In an effort to help solve one of the grand challenges of artificial intelligence, the University of Michigan and IBM have launched a $4.5 million collaboration to develop a new class of conversational technologies that will enable people to interact more naturally and effectively with computers. In Project Sapphire, IBM and the U-M Artificial Intelligence Lab will develop a cognitive system that functions as an academic adviser for undergraduate computer science and engineering majors at the university.
The system will allow researchers to explore how smart machines interact with people in goal-driven dialogues. To do this, the team will capture and annotate large volumes of approved recorded human-to-human conversations between undergraduates and their advisers on topics such as course selection, career advice, extracurricular recommendations and homework resources. The team will use these conversations to train the system on how to respond to interactions with students, and ultimately learn how to automatically navigate and successfully reply in conversations with those using the system.
"Human-to-machine interactions, similar to human-to-human conversations, are rarely confined to one question and one answer," said David Nahamoo, IBM fellow and chief technologist for conversational systems, IBM Watson. "They involve multiple turns of a conversation with responses that can be imprecise and unclear, making it difficult to simulate the human experience.
Unlike rules-based interactive virtual assistant systems that are programmed with hard-coded responses and scripted replies, Project Sapphire will apply probabilistic and statistical methods of reasoning that understand conditions and context, the researchers say. By employing deep learning, machine learning, reinforcement learning, natural language understanding, knowledge representation, emotion analysis and software technologies, the cognitive system will be trained using the recorded human-to-human conversations and will continue to learn and improve with increased interaction.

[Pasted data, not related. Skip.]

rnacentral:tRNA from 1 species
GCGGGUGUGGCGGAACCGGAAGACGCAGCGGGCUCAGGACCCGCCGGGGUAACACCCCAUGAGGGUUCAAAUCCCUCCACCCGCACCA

"Natural conversations bring in so many different aspects of human intelligence—knowledge, context, goals and emotion, for instance. In many ways, to build a versatile conversational system is a grand challenge for artificial intelligence," said Satinder Singh Baveja, professor of computer science and engineering and director of U-M's AI Lab. "We look forward to taking it on with this partnership."
Through the partnership, eight computer science and engineering faculty members, along with graduate students and postdoctoral researchers, will work with IBM scientists. Within the next couple years, they expect their system to be up and running.
The digital adviser isn't meant to replace human professionals who guide students along the academic and emotional journey that is college. Once it's developed, students can choose to talk to it for simple or routine questions, or to complement a meeting with a person. Students might tell the system their preferences and receive course recommendations that advance them toward their degree. They could define broad career goals and get a good list of electives. They could hear an estimate of how many homework hours their class load might require, or be directed to extracurricular activities that might help them land the kind of job they're after.
The system would record the conversations and at any point, it could hand the session over to a human. One of the researchers involved—Emily Mower Provost, assistant professor of computer science and engineering, studies emotional cues. She'll work on enabling Project Sapphire to recognize when students need a real shoulder, even if they're not asking for one.
The automated adviser is one application of what the team envisions to be a platform technology. Project Sapphire's resulting innovations could be embedded into cognitive systems across many industries to improve how they learn and codify human expertise, understand a user's intent and context, and deliver appropriate responses that direct conversations towards a stated goal.
"What we are building has the potential to revolutionize how we interact with our computers and other devices such as our cars and our appliances," Baveja said. "These conversational systems become cognitive advisers that can assist us in a variety of personal, professional and enterprise tasks, such as advising for personal finance, helping employees in scheduling meetings and travel arrangement, and providing technical support to customers of an enterprise."